Make Honey & Peppermint Lip Balm
I am doing a DIY lip balm post a year after I’d intended to. That has to be a record, right? Do I get a prize? No? Ok.
I made my first batch of DIY lip balm last year at this time. I was happy with the result (after revising the recipe three times during the cooking and testing process) and have kept it at my desk at work for the past year. I finally ran out a few months ago and am just now getting around to cooking up another batch.
I decided to revise the recipe again, though, because this time I’d planned to put the balm into tubes instead of little lip gloss pots. That meant that I had to ensure the mixture was solid enough to not get smushed in the lip balm tube, but I didn’t want to lose any of the sheen or softness by adding too much beeswax back in. So after a little experimenting in the kitchen, I settled on a recipe that I think turned out quite well. I also added in honey for this round. I love it combined with the peppermint.
Here’s what I used to make this balm!
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- 2 tbsp beeswax (fyi, 1 oz = 2 tbsp)
- 3.5 tbsp coconut oil
- 3/4 tbsp shea butter
- 1/4 tbsp honey (we like Y.S. Eco Bee Farms brand)
- ~15 drops peppermint oil (multiple sizes here)
- ~3 drops rosemary oil
- Disposable aluminum tin, pan, stove
- Lip balm tubes, a tiny funnel (or look for a cheap glitter funnel in a craft store), toothpicks
- Paper towels and saran wrap (it’s a messy project!)
And here’s how I did it.
Step 1: First I heated up about an inch or two of water in my pan. While the water was heating, I put the disposable aluminum tin in the pan and dumped the beeswax, coconut oil, shea butter, and honey into the tin (not the pan!).
Step 2: I stirred the mixture in the tin until it melted completely, then I turned the heat down to low and added the peppermint and rosemary oils. The goal here is to keep the mixture warm, but not so hot that I couldn’t handle the tin. When it was safe to touch the tin, I pinched one of its corners to make a little spout.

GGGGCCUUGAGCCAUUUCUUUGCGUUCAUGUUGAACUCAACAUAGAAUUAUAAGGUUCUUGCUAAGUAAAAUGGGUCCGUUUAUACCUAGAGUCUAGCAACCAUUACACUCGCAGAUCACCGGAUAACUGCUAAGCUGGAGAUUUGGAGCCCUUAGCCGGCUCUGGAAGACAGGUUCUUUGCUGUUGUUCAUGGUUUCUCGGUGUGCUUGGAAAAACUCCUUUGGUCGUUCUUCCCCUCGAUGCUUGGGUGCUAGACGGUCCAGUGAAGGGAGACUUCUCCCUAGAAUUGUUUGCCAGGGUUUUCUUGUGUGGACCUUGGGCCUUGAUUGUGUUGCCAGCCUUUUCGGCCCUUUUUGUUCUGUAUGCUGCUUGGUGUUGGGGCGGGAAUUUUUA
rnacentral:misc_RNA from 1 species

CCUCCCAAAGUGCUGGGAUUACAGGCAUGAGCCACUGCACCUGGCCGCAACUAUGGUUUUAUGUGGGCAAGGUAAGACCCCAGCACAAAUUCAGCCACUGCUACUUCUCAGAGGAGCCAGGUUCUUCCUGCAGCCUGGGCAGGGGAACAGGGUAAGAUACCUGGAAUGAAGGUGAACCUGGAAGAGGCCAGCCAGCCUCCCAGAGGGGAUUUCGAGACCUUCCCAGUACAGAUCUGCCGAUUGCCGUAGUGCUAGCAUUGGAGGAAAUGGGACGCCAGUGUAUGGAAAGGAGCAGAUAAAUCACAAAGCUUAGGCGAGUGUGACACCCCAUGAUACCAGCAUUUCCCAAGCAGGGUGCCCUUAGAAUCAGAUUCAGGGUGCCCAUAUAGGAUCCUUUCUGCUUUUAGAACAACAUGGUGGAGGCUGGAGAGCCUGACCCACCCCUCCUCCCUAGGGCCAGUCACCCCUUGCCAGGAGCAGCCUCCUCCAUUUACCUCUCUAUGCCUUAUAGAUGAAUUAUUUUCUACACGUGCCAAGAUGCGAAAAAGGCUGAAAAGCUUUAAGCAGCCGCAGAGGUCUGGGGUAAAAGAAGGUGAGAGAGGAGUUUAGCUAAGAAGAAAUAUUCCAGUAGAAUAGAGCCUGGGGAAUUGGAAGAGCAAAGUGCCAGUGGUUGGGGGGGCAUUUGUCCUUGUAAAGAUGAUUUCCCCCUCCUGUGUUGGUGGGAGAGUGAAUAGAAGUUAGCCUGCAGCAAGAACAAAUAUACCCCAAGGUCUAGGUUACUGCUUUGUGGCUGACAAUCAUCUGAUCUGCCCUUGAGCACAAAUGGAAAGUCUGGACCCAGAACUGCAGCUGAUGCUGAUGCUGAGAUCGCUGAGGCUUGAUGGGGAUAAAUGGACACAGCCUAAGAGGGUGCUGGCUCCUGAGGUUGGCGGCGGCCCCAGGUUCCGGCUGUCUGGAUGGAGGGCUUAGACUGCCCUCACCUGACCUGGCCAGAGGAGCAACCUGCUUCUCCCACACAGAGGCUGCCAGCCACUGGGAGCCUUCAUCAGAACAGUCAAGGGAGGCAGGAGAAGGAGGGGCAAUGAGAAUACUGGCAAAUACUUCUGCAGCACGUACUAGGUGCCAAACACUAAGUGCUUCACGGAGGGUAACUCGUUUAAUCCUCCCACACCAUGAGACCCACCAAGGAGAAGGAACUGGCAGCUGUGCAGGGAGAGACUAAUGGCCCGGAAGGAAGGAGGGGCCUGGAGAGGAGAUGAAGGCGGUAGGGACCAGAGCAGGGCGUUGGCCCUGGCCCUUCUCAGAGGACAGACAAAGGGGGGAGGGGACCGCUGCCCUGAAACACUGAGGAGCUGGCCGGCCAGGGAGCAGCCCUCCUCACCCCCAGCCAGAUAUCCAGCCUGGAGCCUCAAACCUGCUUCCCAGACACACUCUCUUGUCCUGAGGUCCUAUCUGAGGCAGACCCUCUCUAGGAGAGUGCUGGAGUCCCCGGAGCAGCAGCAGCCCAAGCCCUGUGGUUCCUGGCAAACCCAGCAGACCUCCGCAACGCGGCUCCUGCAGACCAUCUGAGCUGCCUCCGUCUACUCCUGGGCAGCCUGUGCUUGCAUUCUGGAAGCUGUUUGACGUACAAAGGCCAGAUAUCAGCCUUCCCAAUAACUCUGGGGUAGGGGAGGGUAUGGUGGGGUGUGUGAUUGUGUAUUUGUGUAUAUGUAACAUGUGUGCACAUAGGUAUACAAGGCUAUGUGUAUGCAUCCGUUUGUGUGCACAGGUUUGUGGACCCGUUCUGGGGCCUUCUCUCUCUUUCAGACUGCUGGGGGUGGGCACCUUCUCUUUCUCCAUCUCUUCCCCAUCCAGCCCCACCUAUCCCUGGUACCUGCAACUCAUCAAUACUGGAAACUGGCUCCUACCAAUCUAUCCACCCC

Step 3: I laid a piece of saran wrap on my work space, then I grabbed my funnel and started pouring into the tubes! The tubes will fill up fast, but don’t worry—it’s fine if they overflow a bit. In fact, I prefer overflowing them because it gives the tip a nice smooth, rounded, professional-looking finish. Spillage is easy to clean up once it solidifies, which will happen quickly!
Step 4: As I was pouring, my funnel began to clog. When that happened, I just grabbed a toothpick, scooped out the wax, and dumped it right back into the aluminum tin to re-melt it. I did the same with any spillage.
Step 5: When I’d finished pouring and the liquid in the tubes had solidified but was still warm, I grabbed a paper towel and wiped off overflow from the sides of the tubes. This is easiest to do when the balm is still a bit warm. If the tubes were extra sticky, I put the caps on them and gave them a rinse with a bit of soap and water.
The saran wrap made clean up super easy since I could just ball it up and chuck it. Same with the aluminum tin. I actually had some leftover mixture, so I just wrapped it up and popped it in the fridge. I made a double batch and ran out of tubes, so I am saving my tin of wax to make some more as soon as the rest of the tubes arrive.
And there you have it! I had a leftover lip balm tub from last year, so I filled that as well. 🙂
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